Food Gums in “Healthy” Foods

By Nancy Mehlert, MS

Gums are common food additives used to add stickiness, thicken, prevent separation of ingredients, and improve texture.  In a small amount, they are generally considered safe.

When larger quantities are consumed, there can be reason for concern.  You may be surprised how easy it is to be eating a lot of them!  They are common in many organic, non-diary, non-GMO, certified gluten free foods, and are often chosen with the belief that these foods are cleaner. Look for them in nut milks, gluten free foods, salad dressings, protein powders, mayonnaise, non-dairy products, soups, and sauces.

Here are the ones I see most often: carrageenan, xanthan gum, gellan gum, guar gum, locust bean gum, and acacia gum ( a.k.a. arabic gum).  Only one of them, acacia gum, stands out with some favorable benefits and has the least negative impact when used in small amounts.  It is considered a pre-biotic, which means that it can actually feed the healthy bacteria in the gut.

Here are reasons to limit or remove the rest of them from your diet:

  • Multiple studies have shown that many gums create GI inflammation, especially carrageenan, which is believed to have the highest potential for harm, especially for those already suffering with gastrointestinal issues.
  • Many gums are very difficult to digest and cause diarrhea, bloating, cramping, and stomach pain. It is also common to experience symptoms unrelated to digestion such as a runny nose, congestion, hives or body pain.
  • Those with gluten intolerance, gluten allergy, or celiac disease should avoid xantham gum as it is produced by bacterial fermentation of corn, wheat and other grain based sugars.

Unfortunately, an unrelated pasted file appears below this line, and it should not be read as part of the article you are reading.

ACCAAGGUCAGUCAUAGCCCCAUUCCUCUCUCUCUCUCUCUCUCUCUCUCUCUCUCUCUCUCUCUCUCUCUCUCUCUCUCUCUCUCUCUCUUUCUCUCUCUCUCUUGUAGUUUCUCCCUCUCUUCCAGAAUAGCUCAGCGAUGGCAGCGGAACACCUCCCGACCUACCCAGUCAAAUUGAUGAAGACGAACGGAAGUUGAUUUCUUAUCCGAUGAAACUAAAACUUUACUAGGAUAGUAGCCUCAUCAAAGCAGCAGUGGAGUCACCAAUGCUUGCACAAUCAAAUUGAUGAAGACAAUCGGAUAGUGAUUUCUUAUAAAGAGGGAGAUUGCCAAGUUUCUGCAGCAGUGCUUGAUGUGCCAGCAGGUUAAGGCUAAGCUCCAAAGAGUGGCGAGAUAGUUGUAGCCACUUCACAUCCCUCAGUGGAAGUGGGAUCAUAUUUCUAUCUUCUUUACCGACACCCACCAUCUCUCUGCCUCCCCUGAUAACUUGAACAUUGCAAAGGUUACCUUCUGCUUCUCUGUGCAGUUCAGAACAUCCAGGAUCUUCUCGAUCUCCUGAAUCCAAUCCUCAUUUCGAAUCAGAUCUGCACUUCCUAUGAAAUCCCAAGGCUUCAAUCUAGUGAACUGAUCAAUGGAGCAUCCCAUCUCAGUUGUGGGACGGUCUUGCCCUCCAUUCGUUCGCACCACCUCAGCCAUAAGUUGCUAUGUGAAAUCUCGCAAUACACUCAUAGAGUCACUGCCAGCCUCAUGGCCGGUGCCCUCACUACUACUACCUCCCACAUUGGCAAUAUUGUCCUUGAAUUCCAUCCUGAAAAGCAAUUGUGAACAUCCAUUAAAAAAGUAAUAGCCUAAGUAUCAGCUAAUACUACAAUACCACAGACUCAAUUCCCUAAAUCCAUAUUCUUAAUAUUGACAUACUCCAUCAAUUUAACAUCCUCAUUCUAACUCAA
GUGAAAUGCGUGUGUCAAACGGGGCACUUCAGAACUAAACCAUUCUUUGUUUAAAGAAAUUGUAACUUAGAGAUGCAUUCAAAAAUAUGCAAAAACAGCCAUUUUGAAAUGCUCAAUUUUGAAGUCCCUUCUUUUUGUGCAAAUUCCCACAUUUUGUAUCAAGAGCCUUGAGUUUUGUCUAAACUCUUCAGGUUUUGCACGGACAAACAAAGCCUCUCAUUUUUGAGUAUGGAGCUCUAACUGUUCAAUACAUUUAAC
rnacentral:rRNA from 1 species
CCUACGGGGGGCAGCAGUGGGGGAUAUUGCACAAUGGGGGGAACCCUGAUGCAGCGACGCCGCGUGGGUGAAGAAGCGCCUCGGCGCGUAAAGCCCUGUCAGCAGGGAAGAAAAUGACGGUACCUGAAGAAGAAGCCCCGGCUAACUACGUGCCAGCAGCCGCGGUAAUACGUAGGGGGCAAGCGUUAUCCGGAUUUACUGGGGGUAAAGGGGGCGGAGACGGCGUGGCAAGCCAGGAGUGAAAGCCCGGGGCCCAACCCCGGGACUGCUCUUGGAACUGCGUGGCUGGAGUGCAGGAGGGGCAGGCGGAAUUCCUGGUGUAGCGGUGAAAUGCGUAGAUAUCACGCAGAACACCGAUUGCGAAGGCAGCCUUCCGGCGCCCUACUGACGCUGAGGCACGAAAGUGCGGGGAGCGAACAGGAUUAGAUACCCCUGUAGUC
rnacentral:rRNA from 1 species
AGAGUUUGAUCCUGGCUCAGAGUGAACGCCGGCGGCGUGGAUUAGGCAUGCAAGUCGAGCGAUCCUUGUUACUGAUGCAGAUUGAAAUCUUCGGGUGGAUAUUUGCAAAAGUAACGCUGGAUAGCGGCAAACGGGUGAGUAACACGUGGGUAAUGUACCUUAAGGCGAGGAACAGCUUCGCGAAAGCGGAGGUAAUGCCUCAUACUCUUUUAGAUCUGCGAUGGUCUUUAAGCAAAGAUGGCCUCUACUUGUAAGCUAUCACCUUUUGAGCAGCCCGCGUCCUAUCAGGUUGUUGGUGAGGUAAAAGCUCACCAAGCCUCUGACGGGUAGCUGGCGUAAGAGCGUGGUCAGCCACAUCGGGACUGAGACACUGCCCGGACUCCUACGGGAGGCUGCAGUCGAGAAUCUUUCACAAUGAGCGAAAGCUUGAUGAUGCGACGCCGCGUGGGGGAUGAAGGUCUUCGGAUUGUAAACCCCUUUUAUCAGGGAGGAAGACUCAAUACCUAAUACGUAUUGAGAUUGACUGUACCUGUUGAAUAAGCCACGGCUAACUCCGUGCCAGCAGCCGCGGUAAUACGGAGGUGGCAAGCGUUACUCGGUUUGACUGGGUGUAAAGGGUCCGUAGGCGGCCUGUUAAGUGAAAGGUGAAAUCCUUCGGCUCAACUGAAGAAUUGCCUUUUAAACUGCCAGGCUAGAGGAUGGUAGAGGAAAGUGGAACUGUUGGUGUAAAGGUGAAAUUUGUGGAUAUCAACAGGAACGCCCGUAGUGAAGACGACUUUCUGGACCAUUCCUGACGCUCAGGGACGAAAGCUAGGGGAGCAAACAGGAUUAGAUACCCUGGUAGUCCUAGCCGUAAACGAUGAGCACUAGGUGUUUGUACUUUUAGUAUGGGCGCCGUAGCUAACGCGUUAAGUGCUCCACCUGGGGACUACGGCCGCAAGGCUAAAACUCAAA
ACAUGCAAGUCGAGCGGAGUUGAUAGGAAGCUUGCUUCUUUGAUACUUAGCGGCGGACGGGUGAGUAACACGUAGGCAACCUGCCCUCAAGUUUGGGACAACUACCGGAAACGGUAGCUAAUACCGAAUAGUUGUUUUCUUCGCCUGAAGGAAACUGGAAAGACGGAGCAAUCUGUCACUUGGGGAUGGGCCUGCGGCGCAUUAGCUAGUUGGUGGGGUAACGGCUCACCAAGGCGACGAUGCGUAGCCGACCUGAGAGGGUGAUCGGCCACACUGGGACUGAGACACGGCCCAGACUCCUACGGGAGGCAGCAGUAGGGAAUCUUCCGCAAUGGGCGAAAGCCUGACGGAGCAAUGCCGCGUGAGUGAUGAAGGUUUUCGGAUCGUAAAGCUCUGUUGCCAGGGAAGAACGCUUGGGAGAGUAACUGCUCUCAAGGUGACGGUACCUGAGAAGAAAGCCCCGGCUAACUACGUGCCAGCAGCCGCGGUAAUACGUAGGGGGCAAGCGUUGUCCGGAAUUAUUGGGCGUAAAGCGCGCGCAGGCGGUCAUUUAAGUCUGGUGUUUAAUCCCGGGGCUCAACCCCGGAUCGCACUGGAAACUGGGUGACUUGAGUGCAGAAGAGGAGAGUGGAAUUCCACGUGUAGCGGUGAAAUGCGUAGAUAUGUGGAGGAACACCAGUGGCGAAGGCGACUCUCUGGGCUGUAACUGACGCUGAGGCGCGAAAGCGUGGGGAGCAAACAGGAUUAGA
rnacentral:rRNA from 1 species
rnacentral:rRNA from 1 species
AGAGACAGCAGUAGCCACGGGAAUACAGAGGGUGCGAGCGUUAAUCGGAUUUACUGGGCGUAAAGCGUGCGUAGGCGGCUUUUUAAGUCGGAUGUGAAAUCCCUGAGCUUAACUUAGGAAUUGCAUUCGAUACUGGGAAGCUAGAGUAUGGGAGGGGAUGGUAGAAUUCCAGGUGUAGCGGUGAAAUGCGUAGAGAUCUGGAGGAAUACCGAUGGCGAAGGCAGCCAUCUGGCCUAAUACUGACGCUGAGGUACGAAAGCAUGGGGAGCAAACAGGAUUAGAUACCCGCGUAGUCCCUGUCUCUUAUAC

• Many gums can alter healthy levels of intestinal bacteria in some people. This happens by disrupting the normal mucous layer that lines the gut and contributes to chronic, low-level inflammation promoting changes to cells in the digestive tract, including the colon.
  • Agar gum, karaya gum, and konjac gum (a.k.a. glucomannan) can expand in the gut and, without adequate fluids, can cause esophageal and bowel obstruction.

If you already know your gastrointestinal health is compromised in any way, you may want to eliminate these gums entirely.  For most people, simply limiting their use to infrequent and small quantities would be wise.  Check all your packaged and bottled foods – you may be surprised!

Choose well, be well!

https://www.glutenfreesociety.org/toxic-food-additives-common-gluten

https://civileats.com/2015/02/25/how-emulsifiers-are-messing-with-our-guts-and-making-us-fat/

https://draxe.com/gum-arabic

https://draxe.com/gellan-gum/

https://draxe.com/locust-bean-gum/

By |2019-04-06T10:58:17-05:00March 20th, 2019|Articles, NANCY’S NUTRITIONAL NUGGET|
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